After my walk, I checked out the exhibit hall. There are wonderful speakers and exhibitors here sharing their knowledge and advice to show women they have options. Yesterday I had lunch with Informed Medical decisions, a company that provides genetic counseling over the phone. What a great resource if you live in a area that doesn’t have a genetics counselor or if your genetics counselor is booked for several months.
I also had the opportunity to meet a really energetic woman with da Vinci Surgery. That’s the name of the robot they used for my hysterectomy and oophrectomy. Quite honestly, I didn’t know much about how the machine worked.
And how about this research study on whether or not exercise can reduce your breast cancer risk. If you’re high risk and under 40, you can qualify. And you get a free treadmill out of the deal. The study is coming out of the University of Pennsylvania and I met the researcher behind it who inspired me to go hop on the treadmill for a little afternoon exercise. So now I’m off to find some dinner. And later to the show and tell room where I get to share my breasts with lots of other women. More tomorrow!
One year ago today, I started another journey. My life as a patient came to a close, and my life as a breast cancer mentor, advocate, and fundraiser was kicked into high gear. Yes, a year ago today was my final breast surgery. Once again, it’s hard to believe another year has passed. And what a year. Tomorrow I will venture to Orlando for the annual FORCE conference. I can’t wait to meet many of the people I’ve communicated with over the course of the year. I’m looking forward to learning more and taking in everything the conference has to offer. I know it will be an exciting and educational weekend. I know there is so much work going on in the area of hereditary breast and ovarian cancer, but yet there is so much left to do.
The top experts will be there, so if you can’t make it to the conference but have a specific question on hereditary breast and ovarian cancer, post it here. I’ll try and get some good answers to share next week.
Time is flying by once again, and it’s hard to believe I’m already getting emailed training schedules with 10 mile walks. Not sure where the winter went but spring is definitely in the air. Just wish it would stop raining so I can get outside and get back to the walking. For now, I’ll stick with the treadmill.
My last post was just before my talk with St. John Health, and I was very happy with how it went. I got to meet the FORCE rockstar Sue Friedman in person. We must have said goodbye about 15 times and just kept continuing on with our conversation. She’s doing some tremendous things for our community and I’m so thankful for her work and her efforts. I wish I had more time to work with her but I’ll do what I can in between work, kids and other breast cancer activities.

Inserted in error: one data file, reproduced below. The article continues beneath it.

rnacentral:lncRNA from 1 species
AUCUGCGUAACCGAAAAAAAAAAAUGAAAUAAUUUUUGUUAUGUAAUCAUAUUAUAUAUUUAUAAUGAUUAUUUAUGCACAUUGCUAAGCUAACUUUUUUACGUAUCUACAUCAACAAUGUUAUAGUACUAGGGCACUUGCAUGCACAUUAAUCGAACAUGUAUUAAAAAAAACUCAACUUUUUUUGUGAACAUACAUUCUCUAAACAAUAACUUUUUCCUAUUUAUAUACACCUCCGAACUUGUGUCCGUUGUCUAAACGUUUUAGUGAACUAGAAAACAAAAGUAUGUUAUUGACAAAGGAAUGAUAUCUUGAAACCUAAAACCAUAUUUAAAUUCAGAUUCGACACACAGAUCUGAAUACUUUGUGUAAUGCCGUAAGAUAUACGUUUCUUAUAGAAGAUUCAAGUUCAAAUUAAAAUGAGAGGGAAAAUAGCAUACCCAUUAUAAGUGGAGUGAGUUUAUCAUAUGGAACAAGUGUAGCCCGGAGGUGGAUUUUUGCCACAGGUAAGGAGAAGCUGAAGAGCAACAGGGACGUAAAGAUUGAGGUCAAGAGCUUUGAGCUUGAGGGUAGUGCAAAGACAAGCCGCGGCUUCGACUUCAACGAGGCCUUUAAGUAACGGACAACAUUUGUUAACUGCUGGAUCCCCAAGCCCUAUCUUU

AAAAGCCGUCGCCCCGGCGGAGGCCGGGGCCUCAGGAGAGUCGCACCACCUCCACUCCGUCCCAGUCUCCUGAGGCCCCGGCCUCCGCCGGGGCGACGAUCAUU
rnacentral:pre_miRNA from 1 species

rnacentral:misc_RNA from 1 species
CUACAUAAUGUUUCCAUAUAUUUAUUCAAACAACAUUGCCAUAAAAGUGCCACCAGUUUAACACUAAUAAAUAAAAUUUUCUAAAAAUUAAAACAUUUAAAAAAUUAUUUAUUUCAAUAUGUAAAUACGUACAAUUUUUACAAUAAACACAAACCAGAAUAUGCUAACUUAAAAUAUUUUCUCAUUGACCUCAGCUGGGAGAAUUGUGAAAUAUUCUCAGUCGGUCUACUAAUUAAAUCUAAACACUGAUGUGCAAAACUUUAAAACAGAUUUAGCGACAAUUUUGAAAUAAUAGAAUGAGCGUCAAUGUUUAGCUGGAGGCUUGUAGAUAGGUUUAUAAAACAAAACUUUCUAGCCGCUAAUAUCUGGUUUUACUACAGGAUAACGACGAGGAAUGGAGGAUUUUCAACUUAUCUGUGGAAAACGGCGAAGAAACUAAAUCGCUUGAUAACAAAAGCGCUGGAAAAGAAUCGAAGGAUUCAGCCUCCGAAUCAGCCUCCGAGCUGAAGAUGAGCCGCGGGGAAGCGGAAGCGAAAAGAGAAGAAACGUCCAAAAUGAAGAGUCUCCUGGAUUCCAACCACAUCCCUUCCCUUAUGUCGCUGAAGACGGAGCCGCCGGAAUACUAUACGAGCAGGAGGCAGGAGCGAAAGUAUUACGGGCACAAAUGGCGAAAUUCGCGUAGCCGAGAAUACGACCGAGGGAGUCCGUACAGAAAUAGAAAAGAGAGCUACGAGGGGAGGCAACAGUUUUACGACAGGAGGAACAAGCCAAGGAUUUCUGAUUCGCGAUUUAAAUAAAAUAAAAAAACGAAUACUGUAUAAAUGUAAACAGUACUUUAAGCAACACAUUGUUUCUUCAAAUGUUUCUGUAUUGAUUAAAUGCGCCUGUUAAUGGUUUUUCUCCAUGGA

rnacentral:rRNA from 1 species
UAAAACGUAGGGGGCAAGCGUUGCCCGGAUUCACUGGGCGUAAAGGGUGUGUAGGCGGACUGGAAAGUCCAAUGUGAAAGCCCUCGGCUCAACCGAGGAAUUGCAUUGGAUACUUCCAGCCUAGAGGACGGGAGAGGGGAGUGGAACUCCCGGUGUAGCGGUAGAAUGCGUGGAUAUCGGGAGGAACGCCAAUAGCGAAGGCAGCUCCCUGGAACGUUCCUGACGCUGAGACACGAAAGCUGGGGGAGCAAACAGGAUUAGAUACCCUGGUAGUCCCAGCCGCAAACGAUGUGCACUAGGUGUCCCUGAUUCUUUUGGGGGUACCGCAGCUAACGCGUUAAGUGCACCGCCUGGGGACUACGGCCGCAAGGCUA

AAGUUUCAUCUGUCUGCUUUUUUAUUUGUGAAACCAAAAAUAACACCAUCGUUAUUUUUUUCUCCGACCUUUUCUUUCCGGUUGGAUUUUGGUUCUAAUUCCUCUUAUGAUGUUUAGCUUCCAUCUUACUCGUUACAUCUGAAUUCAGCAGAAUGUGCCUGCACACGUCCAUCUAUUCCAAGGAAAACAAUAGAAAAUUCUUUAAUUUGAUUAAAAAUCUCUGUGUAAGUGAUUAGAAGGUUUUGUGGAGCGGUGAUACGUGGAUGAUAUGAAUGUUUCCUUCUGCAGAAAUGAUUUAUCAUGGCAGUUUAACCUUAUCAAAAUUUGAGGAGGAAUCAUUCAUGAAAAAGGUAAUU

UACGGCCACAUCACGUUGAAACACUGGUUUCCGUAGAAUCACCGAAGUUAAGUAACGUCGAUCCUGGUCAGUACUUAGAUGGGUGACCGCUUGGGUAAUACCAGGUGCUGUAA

Finally, fundraising is going crazy. Ta Ta Breast Cancer is up to 17 team members. The group of 17 has collectively raised $12,410.12 through 191 donations and we are nowhere near done. Thanks to all your support with all of our fundraisers to date, we have an additional $3,500 in funds for distribution sitting in our Ta Ta Breast Cancer account. Each walker must raise $2,300 so the ongoing fundraising is really important. Thanks to all my teammates for all of your hard work and all of you for all your support. Last, we’d love to have any newcomers to our team. So join in on the fun!
Last Night, we had another great FORCE meeting and HoneyBaked provided food for us. After the meeting, I sent a thank you to our HoneyBaked contacts and realized that the letter was worth sharing on a broader scale.
Dear Wendy and Geoff,
Thank you so much for providing the delicious HoneyBaked food last night. The meeting was fantastic and each time I have one of these meetings, I realize the true power of FORCE and the importance of the ongoing success of this organization. Here’s a few highlights.
One woman attended the meeting with tears in her eyes. As a young child, she watched her mother die of breast cancer. She lost her father to Crones Disease and a brother to a heart attack. She is 33 years old, unmarried with not one single family member. Completely alone in this world except for some friends. A week ago, she found out she has the BRCA mutation giving her an up to 85% lifetime risk of breast cancer. She is prepared to have a bilateral mastectomy but her friends think she is absolutely crazy. The first place she found was the FORCE message board and after posting her story, she got returned messages from perfect strangers who told her they were there for her and completely supported her. The same thing happened in the meeting last night and she walked out feeling stronger, happier and more positive about her decision.